Civic Awesome: Open Data In The News For The Week of February 13, 2015
Happy Valentine’s, open data lovers!
Before we get to the news, a quick announcement looking ahead. Next week (February 21st to be exact) is Open Data Day. Consider celebrating by participating in the International Open Data Hackathon and building on your idea for using open data in a meaningful and exciting way. More information and registration at is available at opendataday.org.
And now for this week’s open data news…
A disease known as banana bacterial wilt (BBW) has nearly wiped out the fruit which provides nearly 27% of Ugandans daily caloric intake, so the country’s government drew up an “open data plan” to deal with the crisis. Volunteers use mobile phones to report on outbreaks of the disease and how best to protect crops. The information gathered is then distributed as open datasets through SMS. It’s been successful for Uganda, which reports this and similar initiatives are “inexpensive to run and depend on little to work well: minimal technology, the commitment to publishing data openly and an engaged community.”
When President Obama issued his Open Data Executive Order (M-13-13) it required the Office of Budget and Management to create an inventory of all data being collected by US federal agencies. The Sunlight Foundation requested, via the Freedom of Information Act (FOIA), that data inventory be released to the public. After about a year and a half’s negotiation, OMB announced this week it will release the data inventory after it is next updated on February 28th. Sunlight estimates this represents the largest release of government data indexes to date.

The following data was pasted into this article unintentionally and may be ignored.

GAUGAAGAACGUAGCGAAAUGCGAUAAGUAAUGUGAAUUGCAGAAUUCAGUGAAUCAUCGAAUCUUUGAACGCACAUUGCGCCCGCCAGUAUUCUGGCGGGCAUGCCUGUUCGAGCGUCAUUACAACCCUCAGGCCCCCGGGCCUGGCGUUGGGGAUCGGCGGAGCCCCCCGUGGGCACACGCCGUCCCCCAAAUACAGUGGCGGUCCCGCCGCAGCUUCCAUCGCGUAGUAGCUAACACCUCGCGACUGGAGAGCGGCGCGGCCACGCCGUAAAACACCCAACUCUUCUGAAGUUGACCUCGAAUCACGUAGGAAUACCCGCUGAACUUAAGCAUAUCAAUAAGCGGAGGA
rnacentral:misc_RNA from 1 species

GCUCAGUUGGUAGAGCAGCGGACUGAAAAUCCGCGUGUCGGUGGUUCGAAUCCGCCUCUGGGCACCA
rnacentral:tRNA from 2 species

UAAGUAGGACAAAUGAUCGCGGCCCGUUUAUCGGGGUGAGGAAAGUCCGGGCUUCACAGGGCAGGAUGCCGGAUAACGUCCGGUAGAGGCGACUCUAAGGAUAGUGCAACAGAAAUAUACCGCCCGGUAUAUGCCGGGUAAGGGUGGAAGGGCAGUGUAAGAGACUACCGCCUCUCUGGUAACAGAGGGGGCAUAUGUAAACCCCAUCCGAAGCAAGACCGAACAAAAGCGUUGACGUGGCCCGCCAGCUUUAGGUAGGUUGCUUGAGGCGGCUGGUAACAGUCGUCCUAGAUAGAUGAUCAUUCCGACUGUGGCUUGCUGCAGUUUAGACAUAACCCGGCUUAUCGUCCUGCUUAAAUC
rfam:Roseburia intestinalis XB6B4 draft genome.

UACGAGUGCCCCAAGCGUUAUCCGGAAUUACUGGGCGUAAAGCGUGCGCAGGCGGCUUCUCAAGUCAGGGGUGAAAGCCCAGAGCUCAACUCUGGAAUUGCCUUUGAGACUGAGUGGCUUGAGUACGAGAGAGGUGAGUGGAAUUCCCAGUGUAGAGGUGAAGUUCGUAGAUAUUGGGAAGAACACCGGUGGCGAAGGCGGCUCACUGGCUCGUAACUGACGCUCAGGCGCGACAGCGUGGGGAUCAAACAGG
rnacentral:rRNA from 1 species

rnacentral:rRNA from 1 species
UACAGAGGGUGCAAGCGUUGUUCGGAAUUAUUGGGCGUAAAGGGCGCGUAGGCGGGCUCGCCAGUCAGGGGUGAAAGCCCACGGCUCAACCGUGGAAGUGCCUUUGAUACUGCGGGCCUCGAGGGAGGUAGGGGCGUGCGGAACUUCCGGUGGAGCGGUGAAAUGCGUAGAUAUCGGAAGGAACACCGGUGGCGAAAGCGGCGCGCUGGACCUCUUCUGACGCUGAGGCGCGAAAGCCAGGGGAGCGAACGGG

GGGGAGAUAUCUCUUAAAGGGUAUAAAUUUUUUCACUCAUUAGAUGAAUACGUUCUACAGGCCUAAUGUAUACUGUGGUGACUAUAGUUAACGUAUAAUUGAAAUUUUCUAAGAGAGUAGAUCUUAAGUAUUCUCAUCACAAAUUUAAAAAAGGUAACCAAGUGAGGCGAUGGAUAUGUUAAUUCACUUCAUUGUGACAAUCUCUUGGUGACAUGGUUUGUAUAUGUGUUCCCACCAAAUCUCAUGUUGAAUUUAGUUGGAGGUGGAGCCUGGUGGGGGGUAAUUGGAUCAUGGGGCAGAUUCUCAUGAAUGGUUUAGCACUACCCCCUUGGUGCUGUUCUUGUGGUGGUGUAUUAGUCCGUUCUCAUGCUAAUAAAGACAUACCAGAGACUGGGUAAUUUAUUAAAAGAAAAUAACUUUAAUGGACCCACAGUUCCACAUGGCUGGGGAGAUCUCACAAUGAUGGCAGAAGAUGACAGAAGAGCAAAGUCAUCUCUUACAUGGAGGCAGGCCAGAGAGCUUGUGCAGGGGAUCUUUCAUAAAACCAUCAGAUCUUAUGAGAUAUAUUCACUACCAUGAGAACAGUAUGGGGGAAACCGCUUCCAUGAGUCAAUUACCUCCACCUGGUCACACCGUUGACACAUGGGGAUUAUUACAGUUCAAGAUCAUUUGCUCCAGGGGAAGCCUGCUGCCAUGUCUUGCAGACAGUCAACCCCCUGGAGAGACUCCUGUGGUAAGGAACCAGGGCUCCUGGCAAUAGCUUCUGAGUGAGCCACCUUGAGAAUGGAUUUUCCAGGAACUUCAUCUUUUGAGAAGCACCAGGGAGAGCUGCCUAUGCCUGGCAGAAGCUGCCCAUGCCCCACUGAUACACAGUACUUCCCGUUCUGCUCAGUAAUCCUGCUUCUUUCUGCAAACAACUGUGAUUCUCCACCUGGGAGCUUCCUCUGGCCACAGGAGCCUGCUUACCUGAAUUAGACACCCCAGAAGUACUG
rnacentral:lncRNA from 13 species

In an attempt to centralize Europe’s public data, the European Commission (EC) announced it has hired Capgemini to build an open data portal which will hold open datasets from 39 countries and the European Union (EU.) While Capgemini is the lead contractor, other organizations, including Open Data Institute and the University of Southampton will serve as subcontractors for the development of the portal and additional open data-fueled products and services. The €8 million contract is funded in part by the Connecting Europe Facility.
City of Baton Rouge and East Baton Rouge Parish Mayor-President Melvin “Kip” Holden sat down with GovTech to discuss why his government recently launched an open data portal, called Open Data BR. He said the city-parish believes that technology is a catalyst for the business of doing government, allowing it to take “an introspective look at our internal operations.” So far, the portal has been a success as Holden reports there were 109,000 page views in the first several days. Part of that interest may be owing to Baton Rouge first releasing datasets that were most accessed or queried in other cities.
The Open Data Institute (ODI) has issued a report on Nigeria’s open data portal as it reaches its one year anniversary. The portal has grown to include about 90 government datasets and is being used widely by the country’s tech community and media. ODI’s report does acknowledge “problems in making success stories more widespread [including] a lack of high-quality data, a weak enabling environment (low connectivity, scarce technical skills, lack of support from political leaders etc); mismatch between the demand for open data and the availability of appropriate datasets; the digital divide between rich and poor; and a lack of metrics to track and quantify demonstrable impact.”